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Thread: if guns are allowed in the park?

  1. #11
    Join Date
    Aug 2007
    30min from the "Y"


    What Sam in his hoplophobic way was trying to say is it is illegal to discharge a firearm if the target is a tree or a tin can or some other form of inanimate object.It is legal to fire at an animate object that is intent on harming you.Freud had some interesting thoughts on the irrational fear of firearms.Does the shoe fit Sam?

  2. #12
    Join Date
    Feb 2006
    The Glades


    actually i have no fear of firearms at all having served 4 years in the military....i have concern with a lot of the people who will be carrying in the park....i've already heard one visitor say he wasn't afraid of a bear because he had a gun...that's the attitude that causes me concern.
    I started with nothing, and I have most of it left.

  3. #13
    Join Date
    Oct 2007
    Sevier Co., TN


    Once we start believing that one group, because of status or profession, has a special privileged, then we've lost any reason to fight for the whole.

    One person caused you concern? One person. Seeing an area destroyed by tourism in my short lifetime causes me much more concern than one person saying they'd shoot a bear. And if that bear is close enough, not running away, it probably needed to be put down anyway. I guess people only matter when they matter to us. That's a **** shame.

    The funniest whine I've heard about this whole situation is, "Oh, law, everybody will have a gun." Well, no. Grow up. If they don't have a permit, and they have a handgun, then they are carrying one illegally.

    Ours is a cultural construct that is out of control. See school shootings. I'd rather be one armed and able to control my own construct -- my life.

    I hope, honestly, that I don't come across as brutish or mean. I'm not picking on anyone. Everyone's idea of safety is their own. Unfortunately the jumps to conclusion are so often so wrong that instead of licking the wounds of our pride or politicking, we fail to see that incidents occur, and we miss our opportunities to educate, instead we regulate.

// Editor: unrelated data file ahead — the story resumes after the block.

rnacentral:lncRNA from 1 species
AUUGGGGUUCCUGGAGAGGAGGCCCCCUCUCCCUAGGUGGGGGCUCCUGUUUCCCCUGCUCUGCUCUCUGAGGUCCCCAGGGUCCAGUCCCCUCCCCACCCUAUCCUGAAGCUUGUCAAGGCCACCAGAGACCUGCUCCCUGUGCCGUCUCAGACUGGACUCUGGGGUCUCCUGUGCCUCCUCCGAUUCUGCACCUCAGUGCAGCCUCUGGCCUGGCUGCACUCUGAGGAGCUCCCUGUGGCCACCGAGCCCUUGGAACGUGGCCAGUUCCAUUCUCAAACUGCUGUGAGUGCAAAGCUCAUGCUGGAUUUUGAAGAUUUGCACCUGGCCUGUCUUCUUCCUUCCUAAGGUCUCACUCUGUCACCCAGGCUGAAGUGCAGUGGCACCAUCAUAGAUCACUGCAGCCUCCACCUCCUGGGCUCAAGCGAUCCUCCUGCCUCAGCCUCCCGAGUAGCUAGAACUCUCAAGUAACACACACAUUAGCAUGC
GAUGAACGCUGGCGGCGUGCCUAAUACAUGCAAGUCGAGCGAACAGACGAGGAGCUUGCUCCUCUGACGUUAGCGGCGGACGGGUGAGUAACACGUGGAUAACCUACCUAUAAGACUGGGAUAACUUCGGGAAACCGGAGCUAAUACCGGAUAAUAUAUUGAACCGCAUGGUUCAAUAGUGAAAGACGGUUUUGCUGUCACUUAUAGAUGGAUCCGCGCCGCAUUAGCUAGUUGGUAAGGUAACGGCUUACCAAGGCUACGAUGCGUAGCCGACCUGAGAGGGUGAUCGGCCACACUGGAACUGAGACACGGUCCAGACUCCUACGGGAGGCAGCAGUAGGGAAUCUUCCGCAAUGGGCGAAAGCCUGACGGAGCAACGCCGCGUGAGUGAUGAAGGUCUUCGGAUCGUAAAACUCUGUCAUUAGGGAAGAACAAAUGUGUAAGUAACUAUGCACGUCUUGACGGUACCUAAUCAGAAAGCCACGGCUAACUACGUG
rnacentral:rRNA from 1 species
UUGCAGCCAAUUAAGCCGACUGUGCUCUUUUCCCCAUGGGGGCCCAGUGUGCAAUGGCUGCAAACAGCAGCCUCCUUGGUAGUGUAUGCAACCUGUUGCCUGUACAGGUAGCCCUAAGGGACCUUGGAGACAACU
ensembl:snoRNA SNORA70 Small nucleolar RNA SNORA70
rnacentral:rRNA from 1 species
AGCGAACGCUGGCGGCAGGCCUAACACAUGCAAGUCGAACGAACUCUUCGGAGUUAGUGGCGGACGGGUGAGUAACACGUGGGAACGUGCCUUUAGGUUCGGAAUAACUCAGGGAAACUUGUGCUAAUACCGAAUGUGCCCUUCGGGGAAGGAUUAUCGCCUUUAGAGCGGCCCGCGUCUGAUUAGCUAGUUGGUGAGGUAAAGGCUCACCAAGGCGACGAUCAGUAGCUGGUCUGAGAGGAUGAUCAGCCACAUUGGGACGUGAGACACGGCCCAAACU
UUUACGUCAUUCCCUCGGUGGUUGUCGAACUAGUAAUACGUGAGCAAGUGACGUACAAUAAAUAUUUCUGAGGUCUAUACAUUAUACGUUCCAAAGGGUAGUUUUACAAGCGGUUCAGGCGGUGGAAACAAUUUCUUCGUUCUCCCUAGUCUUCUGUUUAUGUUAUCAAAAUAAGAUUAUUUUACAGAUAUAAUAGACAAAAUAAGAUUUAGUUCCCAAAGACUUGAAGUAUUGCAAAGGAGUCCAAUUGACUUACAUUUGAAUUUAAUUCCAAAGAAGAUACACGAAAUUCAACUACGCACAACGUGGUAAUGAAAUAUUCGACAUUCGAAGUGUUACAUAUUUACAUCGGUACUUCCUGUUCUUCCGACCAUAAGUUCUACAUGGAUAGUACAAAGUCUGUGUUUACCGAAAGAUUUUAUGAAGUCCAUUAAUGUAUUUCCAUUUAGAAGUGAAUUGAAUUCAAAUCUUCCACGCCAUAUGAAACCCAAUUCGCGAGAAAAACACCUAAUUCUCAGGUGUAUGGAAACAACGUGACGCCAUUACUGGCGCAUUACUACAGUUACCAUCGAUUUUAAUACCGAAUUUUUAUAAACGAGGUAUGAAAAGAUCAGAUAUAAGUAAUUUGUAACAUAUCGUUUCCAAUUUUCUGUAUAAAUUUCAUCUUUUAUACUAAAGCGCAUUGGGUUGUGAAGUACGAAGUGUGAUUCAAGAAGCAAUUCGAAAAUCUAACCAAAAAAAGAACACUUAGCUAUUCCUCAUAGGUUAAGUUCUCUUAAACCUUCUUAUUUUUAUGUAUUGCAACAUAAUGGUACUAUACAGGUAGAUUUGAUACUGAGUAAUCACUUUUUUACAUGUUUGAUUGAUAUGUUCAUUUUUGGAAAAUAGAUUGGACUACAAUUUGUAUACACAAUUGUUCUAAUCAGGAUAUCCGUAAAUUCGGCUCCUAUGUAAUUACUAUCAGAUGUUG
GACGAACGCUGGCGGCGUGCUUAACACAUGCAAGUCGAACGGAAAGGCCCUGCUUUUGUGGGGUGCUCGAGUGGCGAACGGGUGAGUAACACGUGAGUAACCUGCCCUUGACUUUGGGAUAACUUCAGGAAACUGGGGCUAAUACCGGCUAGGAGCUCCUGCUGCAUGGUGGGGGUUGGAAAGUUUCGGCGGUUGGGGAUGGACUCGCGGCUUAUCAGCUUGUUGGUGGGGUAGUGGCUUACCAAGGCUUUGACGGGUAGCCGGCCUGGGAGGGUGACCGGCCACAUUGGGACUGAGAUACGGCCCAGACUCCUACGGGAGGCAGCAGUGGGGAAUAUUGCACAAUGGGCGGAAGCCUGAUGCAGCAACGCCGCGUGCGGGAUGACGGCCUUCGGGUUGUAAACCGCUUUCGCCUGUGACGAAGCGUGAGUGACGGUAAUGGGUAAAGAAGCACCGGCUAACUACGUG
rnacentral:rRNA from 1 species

Until you can change our culture you won't change crime. Especially gun crimes. Imagine, if health care is too difficult and expensive to contrive, then how will we get guns out of the hands of those that would harm us? Door to door? Metal detectors? Sounds like a book burning would be the next logical step.

    I hope I didn't offend. Really.

  4. #14
    Join Date
    Nov 2009


    i've already heard one visitor say he wasn't afraid of a bear because he had a gun

    That statement reminded me of one of my Smokies fishing partners. He is a law enforcement officer and always brings his .380 pistol with him on our backcountry fishing trips. When I first found out a few years ago that he was packing the .380 pistol, I asked him why he brought it. He told me in case he ran into a bad situation with a bear. I told him that his .380 pistol could make a bad situation with a bear much worse for the simple fact that all the .380 rounds would do is pizz the bear off if they didn't scare it off.

    While I will be carrying in the backcountry for protection from the two-legged "animals", I'm afraid that there will be a few people like my buddy who are not rational in their thinking and don't realize how much of a gun that it takes to put a bear down in a bad situation. They may actually wind up in more danger with a gun than without one. Time will tell.

  5. #15
    Join Date
    Feb 2008


    I agree. Carry a 10ml or larger.

  6. #16
    Join Date
    Jan 2009
    Maryville, TN


    Maybe we should go back to the good ole days when only criminals carried in the park

  7. #17
    Join Date
    Jun 2007
    Northern Kentucky


    As others have said and I've said before when this topic comes up. I am not afraid of the bears and the cougars. Healthy respect yes, fear, no. I'm not going to go about molesting a bear or threatening cubs and I'm sure going to give it the right of way in any circumstance I may encounter one.

    It's the 2 legged predators I'm worried about. Even then, avoid them, walk away, don't go being John Wayne and looking for a fight but if it comes down to him or me, I would like to have the means at my disposal to make it him.

    Most of the firearms that are concealable are not sufficient to stop a bear in its tracks. Yes, the bear may die after a clip of .380 or 9mm is emptied into it, but not before it finished with you.

    I carry a S&W J frame in .357 mag. Even that, with typical self defense hollow points, is not sufficient gun to stop a bear attack immediately. It's better than a rock or a stick and would be a last line of defense but that's about it.

    I don't hunt bear but if I did and wanted to do it with a handgun, a concealed carry type firearm is not what I would use. At a minimum, I'd want a 44 single action with pretty hot loads or maybe a 357 with heavy solid bullets. Never really thought much about it since I've never hunted for bear. I'm thinking a 45-70, 444 Marlin, 338, 450 bushmaster, or the like would be more appropriate.